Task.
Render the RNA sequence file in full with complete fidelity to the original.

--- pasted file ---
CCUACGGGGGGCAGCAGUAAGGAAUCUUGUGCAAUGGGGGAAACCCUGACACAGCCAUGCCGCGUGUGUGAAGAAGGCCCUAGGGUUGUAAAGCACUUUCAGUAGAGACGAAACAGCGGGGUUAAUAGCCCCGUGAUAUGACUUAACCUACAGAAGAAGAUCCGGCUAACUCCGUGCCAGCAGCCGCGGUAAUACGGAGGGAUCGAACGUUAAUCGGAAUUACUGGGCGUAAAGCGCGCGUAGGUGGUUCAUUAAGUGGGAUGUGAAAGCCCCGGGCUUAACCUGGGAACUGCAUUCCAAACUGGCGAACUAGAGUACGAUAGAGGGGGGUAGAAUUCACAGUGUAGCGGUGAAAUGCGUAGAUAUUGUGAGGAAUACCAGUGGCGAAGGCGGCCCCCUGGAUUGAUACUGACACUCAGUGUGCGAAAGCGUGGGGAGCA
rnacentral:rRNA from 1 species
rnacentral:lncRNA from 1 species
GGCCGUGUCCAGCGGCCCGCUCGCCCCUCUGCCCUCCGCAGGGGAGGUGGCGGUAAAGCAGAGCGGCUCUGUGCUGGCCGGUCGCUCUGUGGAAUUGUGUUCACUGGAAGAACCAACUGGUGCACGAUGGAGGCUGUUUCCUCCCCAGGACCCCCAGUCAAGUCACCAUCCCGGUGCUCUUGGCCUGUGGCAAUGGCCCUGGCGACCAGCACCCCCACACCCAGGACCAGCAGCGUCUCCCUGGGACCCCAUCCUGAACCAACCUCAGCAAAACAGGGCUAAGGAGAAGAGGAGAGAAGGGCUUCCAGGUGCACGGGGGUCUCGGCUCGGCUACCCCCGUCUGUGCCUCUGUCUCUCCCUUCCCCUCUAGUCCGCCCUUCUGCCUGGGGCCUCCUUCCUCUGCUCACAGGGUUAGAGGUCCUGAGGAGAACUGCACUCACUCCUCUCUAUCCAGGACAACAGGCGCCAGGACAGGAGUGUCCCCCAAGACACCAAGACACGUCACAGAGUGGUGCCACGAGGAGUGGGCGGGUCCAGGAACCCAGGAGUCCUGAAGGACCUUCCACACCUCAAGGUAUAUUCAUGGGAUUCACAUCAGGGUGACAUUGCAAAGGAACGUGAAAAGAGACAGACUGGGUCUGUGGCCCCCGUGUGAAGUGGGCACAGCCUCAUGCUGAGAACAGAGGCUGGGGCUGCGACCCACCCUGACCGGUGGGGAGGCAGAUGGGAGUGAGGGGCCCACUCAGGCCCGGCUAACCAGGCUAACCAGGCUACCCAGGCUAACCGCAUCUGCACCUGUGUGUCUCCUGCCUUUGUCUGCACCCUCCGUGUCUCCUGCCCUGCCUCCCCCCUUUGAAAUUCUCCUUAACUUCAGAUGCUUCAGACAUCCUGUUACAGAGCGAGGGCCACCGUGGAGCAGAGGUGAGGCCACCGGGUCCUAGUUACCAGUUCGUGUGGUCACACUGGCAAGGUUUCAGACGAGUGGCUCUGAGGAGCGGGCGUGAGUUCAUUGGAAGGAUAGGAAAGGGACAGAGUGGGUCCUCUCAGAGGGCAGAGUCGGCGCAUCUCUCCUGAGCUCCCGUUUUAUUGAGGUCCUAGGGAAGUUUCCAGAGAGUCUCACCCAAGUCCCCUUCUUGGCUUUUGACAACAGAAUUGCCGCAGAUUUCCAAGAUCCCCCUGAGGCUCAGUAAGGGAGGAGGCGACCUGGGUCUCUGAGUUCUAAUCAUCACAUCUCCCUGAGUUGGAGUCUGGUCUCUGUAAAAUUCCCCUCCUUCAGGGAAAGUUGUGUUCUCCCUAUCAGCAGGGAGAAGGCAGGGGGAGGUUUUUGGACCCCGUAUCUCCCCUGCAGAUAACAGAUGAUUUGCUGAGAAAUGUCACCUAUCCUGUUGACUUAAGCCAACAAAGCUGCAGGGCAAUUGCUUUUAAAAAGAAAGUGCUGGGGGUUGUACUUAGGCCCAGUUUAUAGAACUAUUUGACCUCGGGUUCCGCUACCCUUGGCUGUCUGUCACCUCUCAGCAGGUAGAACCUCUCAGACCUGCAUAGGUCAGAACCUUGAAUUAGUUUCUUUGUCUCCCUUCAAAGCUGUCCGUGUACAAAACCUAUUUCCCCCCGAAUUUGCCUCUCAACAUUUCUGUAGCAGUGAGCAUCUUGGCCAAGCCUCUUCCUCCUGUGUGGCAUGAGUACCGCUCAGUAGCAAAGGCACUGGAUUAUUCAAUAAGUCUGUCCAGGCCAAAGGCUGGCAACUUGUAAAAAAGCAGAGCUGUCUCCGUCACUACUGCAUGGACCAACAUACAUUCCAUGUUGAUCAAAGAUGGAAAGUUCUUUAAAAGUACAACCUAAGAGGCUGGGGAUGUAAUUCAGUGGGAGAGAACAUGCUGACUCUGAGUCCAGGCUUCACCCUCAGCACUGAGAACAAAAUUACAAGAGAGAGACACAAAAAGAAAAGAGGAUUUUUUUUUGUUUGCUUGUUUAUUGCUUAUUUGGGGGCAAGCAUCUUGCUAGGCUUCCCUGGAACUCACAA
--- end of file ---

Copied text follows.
CCUACGGGGGGCAGCAGUAAGGAAUCUUGUGCAAUGGGGGAAACCCUGACACAGCCAUGCCGCGUGUGUGAAGAAGGCCCUAGGGUUGUAAAGCACUUUCAGUAGAGACGAAACAGCGGGGUUAAUAGCCCCGUGAUAUGACUUAACCUACAGAAGAAGAUCCGGCUAACUCCGUGCCAGCAGCCGCGGUAAUACGGAGGGAUCGAACGUUAAUCGGAAUUACUGGGCGUAAAGCGCGCGUAGGUGGUUCAUUAAGUGGGAUGUGAAAGCCCCGGGCUUAACCUGGGAACUGCAUUCCAAACUGGCGAACUAGAGUACGAUAGAGGGGGGUAGAAUUCACAGUGUAGCGGUGAAAUGCGUAGAUAUUGUGAGGAAUACCAGUGGCGAAGGCGGCCCCCUGGAUUGAUACUGACACUCAGUGUGCGAAAGCGUGGGGAGCA
rnacentral:rRNA from 1 species
rnacentral:lncRNA from 1 species
GGCCGUGUCCAGCGGCCCGCUCGCCCCUCUGCCCUCCGCAGGGGAGGUGGCGGUAAAGCAGAGCGGCUCUGUGCUGGCCGGUCGCUCUGUGGAAUUGUGUUCACUGGAAGAACCAACUGGUGCACGAUGGAGGCUGUUUCCUCCCCAGGACCCCCAGUCAAGUCACCAUCCCGGUGCUCUUGGCCUGUGGCAAUGGCCCUGGCGACCAGCACCCCCACACCCAGGACCAGCAGCGUCUCCCUGGGACCCCAUCCUGAACCAACCUCAGCAAAACAGGGCUAAGGAGAAGAGGAGAGAAGGGCUUCCAGGUGCACGGGGGUCUCGGCUCGGCUACCCCCGUCUGUGCCUCUGUCUCUCCCUUCCCCUCUAGUCCGCCCUUCUGCCUGGGGCCUCCUUCCUCUGCUCACAGGGUUAGAGGUCCUGAGGAGAACUGCACUCACUCCUCUCUAUCCAGGACAACAGGCGCCAGGACAGGAGUGUCCCCCAAGACACCAAGACACGUCACAGAGUGGUGCCACGAGGAGUGGGCGGGUCCAGGAACCCAGGAGUCCUGAAGGACCUUCCACACCUCAAGGUAUAUUCAUGGGAUUCACAUCAGGGUGACAUUGCAAAGGAACGUGAAAAGAGACAGACUGGGUCUGUGGCCCCCGUGUGAAGUGGGCACAGCCUCAUGCUGAGAACAGAGGCUGGGGCUGCGACCCACCCUGACCGGUGGGGAGGCAGAUGGGAGUGAGGGGCCCACUCAGGCCCGGCUAACCAGGCUAACCAGGCUACCCAGGCUAACCGCAUCUGCACCUGUGUGUCUCCUGCCUUUGUCUGCACCCUCCGUGUCUCCUGCCCUGCCUCCCCCCUUUGAAAUUCUCCUUAACUUCAGAUGCUUCAGACAUCCUGUUACAGAGCGAGGGCCACCGUGGAGCAGAGGUGAGGCCACCGGGUCCUAGUUACCAGUUCGUGUGGUCACACUGGCAAGGUUUCAGACGAGUGGCUCUGAGGAGCGGGCGUGAGUUCAUUGGAAGGAUAGGAAAGGGACAGAGUGGGUCCUCUCAGAGGGCAGAGUCGGCGCAUCUCUCCUGAGCUCCCGUUUUAUUGAGGUCCUAGGGAAGUUUCCAGAGAGUCUCACCCAAGUCCCCUUCUUGGCUUUUGACAACAGAAUUGCCGCAGAUUUCCAAGAUCCCCCUGAGGCUCAGUAAGGGAGGAGGCGACCUGGGUCUCUGAGUUCUAAUCAUCACAUCUCCCUGAGUUGGAGUCUGGUCUCUGUAAAAUUCCCCUCCUUCAGGGAAAGUUGUGUUCUCCCUAUCAGCAGGGAGAAGGCAGGGGGAGGUUUUUGGACCCCGUAUCUCCCCUGCAGAUAACAGAUGAUUUGCUGAGAAAUGUCACCUAUCCUGUUGACUUAAGCCAACAAAGCUGCAGGGCAAUUGCUUUUAAAAAGAAAGUGCUGGGGGUUGUACUUAGGCCCAGUUUAUAGAACUAUUUGACCUCGGGUUCCGCUACCCUUGGCUGUCUGUCACCUCUCAGCAGGUAGAACCUCUCAGACCUGCAUAGGUCAGAACCUUGAAUUAGUUUCUUUGUCUCCCUUCAAAGCUGUCCGUGUACAAAACCUAUUUCCCCCCGAAUUUGCCUCUCAACAUUUCUGUAGCAGUGAGCAUCUUGGCCAAGCCUCUUCCUCCUGUGUGGCAUGAGUACCGCUCAGUAGCAAAGGCACUGGAUUAUUCAAUAAGUCUGUCCAGGCCAAAGGCUGGCAACUUGUAAAAAAGCAGAGCUGUCUCCGUCACUACUGCAUGGACCAACAUACAUUCCAUGUUGAUCAAAGAUGGAAAGUUCUUUAAAAGUACAACCUAAGAGGCUGGGGAUGUAAUUCAGUGGGAGAGAACAUGCUGACUCUGAGUCCAGGCUUCACCCUCAGCACUGAGAACAAAAUUACAAGAGAGAGACACAAAAAGAAAAGAGGAUUUUUUUUUGUUUGCUUGUUUAUUGCUUAUUUGGGGGCAAGCAUCUUGCUAGGCUUCCCUGGAACUCACAA